Australia
Quilpie

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    • Baldy Top

      August 30, 2021 in Australia ⋅ ☁️ 24 °C

      We rushed out towards Baldy Top to see if it would be a suitable vantage to view the sunset. When we arrived we realized that the time to climb would exceed the time to sunset. We will reschedule the climb since the sunset won't wait. We did find a place to soak in the final glow and take a few photos.Read more

    • Bulloo River

      August 31, 2021 in Australia ⋅ ☀️ 24 °C

      Another nice walk along a river. A lot of effort has been made to make it as interesting as possible. There are lots of signs with information on the area and the plants. The track is well marked and about 2k round trip.Read more

    • Quilpie - Queensland

      August 31, 2021 in Australia ⋅ ☀️ 30 °C

      We decided to stop in Quilpie for 2 nights to give us a chance to have a look around.

      A walk along the street, check out the museum and art and simply enjoy the sights.

      We took a walk along the river, checked out the lake camping area and decided it would feature next trip and soaked away the outback dust in the caravan park spa.

      One interesting visit was the church where the pulpit has been decorated with local boulder opal.

      There are two small supermarkets here and several refuelling places.

      The water here is deep artesian bore water, complete with Sulphur dioxide. It is safe to drink but quite smelly. It improves if boiled and left to stand.
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    • Eromanga

      September 1, 2021 in Australia ⋅ ⛅ 31 °C

      We are at the furthest settlement in Australia from any ocean. Ironically, this area was all once part of the ocean.

      The area is the largest oil and natural gas field in Australia. We are for the moment driving our car with diesel sourced below our current roads.

      We walked the living history and will head out to the Natural History Museum tomorrow.
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    • Eromanga Natural History Museum

      September 2, 2021 in Australia ⋅ ⛅ 23 °C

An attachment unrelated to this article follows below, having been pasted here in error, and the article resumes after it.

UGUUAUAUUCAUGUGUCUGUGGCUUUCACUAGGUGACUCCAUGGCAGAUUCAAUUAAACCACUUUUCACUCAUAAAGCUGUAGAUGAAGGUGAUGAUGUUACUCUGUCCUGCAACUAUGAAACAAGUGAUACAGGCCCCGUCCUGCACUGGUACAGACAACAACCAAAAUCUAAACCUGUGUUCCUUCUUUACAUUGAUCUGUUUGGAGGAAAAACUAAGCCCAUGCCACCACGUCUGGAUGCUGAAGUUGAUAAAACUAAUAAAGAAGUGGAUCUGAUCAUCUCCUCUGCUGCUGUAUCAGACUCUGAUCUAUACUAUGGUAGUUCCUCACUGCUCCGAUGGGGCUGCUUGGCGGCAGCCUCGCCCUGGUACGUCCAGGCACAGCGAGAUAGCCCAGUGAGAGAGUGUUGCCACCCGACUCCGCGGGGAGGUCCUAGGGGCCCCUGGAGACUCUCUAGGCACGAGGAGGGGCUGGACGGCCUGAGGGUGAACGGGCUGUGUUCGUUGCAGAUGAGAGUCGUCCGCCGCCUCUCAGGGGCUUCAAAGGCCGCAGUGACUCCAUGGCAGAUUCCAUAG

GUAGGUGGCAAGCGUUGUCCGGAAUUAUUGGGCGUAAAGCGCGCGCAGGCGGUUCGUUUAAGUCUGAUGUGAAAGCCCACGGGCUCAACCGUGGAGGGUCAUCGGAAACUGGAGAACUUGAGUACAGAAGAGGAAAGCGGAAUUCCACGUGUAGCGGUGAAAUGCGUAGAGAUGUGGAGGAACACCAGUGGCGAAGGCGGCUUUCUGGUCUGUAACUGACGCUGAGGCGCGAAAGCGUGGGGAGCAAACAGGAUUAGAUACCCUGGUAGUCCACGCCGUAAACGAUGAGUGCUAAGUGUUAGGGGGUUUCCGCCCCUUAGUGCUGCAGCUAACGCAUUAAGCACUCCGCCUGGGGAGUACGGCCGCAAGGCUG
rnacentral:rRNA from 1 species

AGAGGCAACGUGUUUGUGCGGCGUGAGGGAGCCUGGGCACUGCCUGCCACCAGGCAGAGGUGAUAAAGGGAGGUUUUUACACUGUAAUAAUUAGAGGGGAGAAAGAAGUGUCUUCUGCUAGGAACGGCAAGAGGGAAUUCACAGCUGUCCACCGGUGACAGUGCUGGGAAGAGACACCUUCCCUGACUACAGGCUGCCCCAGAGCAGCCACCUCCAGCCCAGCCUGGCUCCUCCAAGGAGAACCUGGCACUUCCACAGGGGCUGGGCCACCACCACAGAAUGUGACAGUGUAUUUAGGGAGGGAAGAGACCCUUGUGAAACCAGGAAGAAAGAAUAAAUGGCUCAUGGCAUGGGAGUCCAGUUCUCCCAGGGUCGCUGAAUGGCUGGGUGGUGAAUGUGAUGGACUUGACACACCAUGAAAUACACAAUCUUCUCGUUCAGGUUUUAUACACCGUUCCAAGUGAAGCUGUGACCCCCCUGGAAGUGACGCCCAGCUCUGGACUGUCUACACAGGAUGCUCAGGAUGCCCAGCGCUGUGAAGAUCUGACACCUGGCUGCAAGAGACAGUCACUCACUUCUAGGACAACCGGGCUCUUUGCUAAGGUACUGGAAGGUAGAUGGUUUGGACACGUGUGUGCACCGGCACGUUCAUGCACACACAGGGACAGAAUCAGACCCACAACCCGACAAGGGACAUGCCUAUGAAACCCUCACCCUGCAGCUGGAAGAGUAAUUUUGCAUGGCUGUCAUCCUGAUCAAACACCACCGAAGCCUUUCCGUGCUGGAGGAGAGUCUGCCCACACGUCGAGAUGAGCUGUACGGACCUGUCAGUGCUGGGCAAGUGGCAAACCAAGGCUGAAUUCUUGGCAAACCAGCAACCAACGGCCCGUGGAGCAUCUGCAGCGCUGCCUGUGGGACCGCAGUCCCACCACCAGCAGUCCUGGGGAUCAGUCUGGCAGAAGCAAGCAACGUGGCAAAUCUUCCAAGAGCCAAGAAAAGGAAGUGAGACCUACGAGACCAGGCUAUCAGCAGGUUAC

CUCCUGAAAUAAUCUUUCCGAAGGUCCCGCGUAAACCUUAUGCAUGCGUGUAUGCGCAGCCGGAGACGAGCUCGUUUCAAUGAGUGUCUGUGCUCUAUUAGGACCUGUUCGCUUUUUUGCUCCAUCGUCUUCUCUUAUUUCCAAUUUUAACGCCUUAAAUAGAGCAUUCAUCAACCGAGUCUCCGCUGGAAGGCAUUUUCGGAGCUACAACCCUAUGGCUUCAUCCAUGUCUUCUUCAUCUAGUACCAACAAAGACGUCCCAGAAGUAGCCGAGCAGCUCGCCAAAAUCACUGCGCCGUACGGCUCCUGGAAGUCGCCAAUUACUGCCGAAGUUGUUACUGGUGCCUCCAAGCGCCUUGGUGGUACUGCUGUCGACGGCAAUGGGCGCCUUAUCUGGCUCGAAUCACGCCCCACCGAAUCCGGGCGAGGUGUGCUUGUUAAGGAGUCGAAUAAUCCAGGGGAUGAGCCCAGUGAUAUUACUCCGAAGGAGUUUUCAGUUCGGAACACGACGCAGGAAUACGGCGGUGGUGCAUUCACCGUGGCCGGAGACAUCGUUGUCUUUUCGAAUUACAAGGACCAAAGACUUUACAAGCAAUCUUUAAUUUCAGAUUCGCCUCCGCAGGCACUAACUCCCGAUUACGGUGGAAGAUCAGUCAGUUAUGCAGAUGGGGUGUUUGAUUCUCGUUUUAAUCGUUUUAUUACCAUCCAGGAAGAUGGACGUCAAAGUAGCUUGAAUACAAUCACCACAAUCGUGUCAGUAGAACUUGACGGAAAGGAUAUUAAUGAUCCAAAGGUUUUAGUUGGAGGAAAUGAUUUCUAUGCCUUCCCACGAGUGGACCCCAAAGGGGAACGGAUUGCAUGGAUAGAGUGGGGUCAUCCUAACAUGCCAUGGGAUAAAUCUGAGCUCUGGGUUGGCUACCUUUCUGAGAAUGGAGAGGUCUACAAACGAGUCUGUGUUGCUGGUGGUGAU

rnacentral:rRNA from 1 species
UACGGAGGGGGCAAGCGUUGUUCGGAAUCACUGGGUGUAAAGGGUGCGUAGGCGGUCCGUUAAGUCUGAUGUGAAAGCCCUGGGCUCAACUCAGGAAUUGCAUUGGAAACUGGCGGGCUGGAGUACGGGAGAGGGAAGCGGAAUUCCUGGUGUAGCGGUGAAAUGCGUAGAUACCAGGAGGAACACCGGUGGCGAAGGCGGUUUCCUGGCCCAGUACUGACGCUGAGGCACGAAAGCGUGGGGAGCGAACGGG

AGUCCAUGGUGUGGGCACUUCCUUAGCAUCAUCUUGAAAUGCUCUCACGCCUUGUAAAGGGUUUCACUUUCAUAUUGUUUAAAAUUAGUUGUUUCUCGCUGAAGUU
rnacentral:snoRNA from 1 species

Dinosaurs (used to) rule. This was an interesting glimpse into the era of dinosaurs with some reveals as to why we believe some of the clues as to the formation of the world we know. Oddly Australia has been pivotal in piecing together our picture of the history of the earth.

      The 20 minute introductory movie brings Cooper, the largest dinosaur found in Australia, to life and covers the billions of years since that first "big bang".

      This new centre brings together literally thousands of hours of work following up the chance discovery of a baseball sized bone fragment by a fourteen year old lad around 2004.

      The huge display bones were printed! The largest 3D printer in Australia uses recycled plastic to make a lifelike replicas of the bones based on the pieces that have been recovered. It takes weeks of printing to make each bone.

      About 10% of a dinosaur sketeton is generally needed to identify its species but in the case of Cooper, our local hero, over 13% has been recovered. Even so it has taken 17 years to confirm earlier this year that Cooper is indeed the largest Australian dinosaur and belongs to a previously unknown species.

      Elsewhere I read that fossilised skin provided great clues about the skin and texture of dinosaurs. I am guessing some artistic licence taken with the exact colouration.
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    • Day 3

      The Lake (Quilpie) 273km / 1167 km

      July 21 in Australia ⋅ ☀️ 21 °C

      Continued heading West deeper into the Outback with narrower roads and flat, arid landscape. Still green after the recent rains. Thankfully all roads are open. We found an awesome camp site at the Lake on a working Merino sheep station. We were blessed with the full moon rise and gorgeous sunset on a crystal clear evening and not too cold at 5 degrees. Sunset photo alert aheadRead more

    • Day 8

      The Lake